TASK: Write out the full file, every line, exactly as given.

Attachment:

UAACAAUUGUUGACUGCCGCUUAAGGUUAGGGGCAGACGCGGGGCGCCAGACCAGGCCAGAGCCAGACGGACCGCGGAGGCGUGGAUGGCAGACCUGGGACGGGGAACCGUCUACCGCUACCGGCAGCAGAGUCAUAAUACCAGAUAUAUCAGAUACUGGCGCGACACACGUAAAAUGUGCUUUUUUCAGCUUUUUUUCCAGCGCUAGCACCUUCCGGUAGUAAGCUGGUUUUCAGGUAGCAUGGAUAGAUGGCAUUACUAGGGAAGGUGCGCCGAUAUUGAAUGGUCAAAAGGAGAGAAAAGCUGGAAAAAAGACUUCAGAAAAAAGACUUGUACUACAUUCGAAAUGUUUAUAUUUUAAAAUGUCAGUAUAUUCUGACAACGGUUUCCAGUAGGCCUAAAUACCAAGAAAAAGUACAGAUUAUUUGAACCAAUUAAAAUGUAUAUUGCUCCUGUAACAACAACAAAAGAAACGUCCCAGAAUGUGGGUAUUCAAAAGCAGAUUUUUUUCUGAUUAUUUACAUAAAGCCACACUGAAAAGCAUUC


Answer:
UAACAAUUGUUGACUGCCGCUUAAGGUUAGGGGCAGACGCGGGGCGCCAGACCAGGCCAGAGCCAGACGGACCGCGGAGGCGUGGAUGGCAGACCUGGGACGGGGAACCGUCUACCGCUACCGGCAGCAGAGUCAUAAUACCAGAUAUAUCAGAUACUGGCGCGACACACGUAAAAUGUGCUUUUUUCAGCUUUUUUUCCAGCGCUAGCACCUUCCGGUAGUAAGCUGGUUUUCAGGUAGCAUGGAUAGAUGGCAUUACUAGGGAAGGUGCGCCGAUAUUGAAUGGUCAAAAGGAGAGAAAAGCUGGAAAAAAGACUUCAGAAAAAAGACUUGUACUACAUUCGAAAUGUUUAUAUUUUAAAAUGUCAGUAUAUUCUGACAACGGUUUCCAGUAGGCCUAAAUACCAAGAAAAAGUACAGAUUAUUUGAACCAAUUAAAAUGUAUAUUGCUCCUGUAACAACAACAAAAGAAACGUCCCAGAAUGUGGGUAUUCAAAAGCAGAUUUUUUUCUGAUUAUUUACAUAAAGCCACACUGAAAAGCAUUC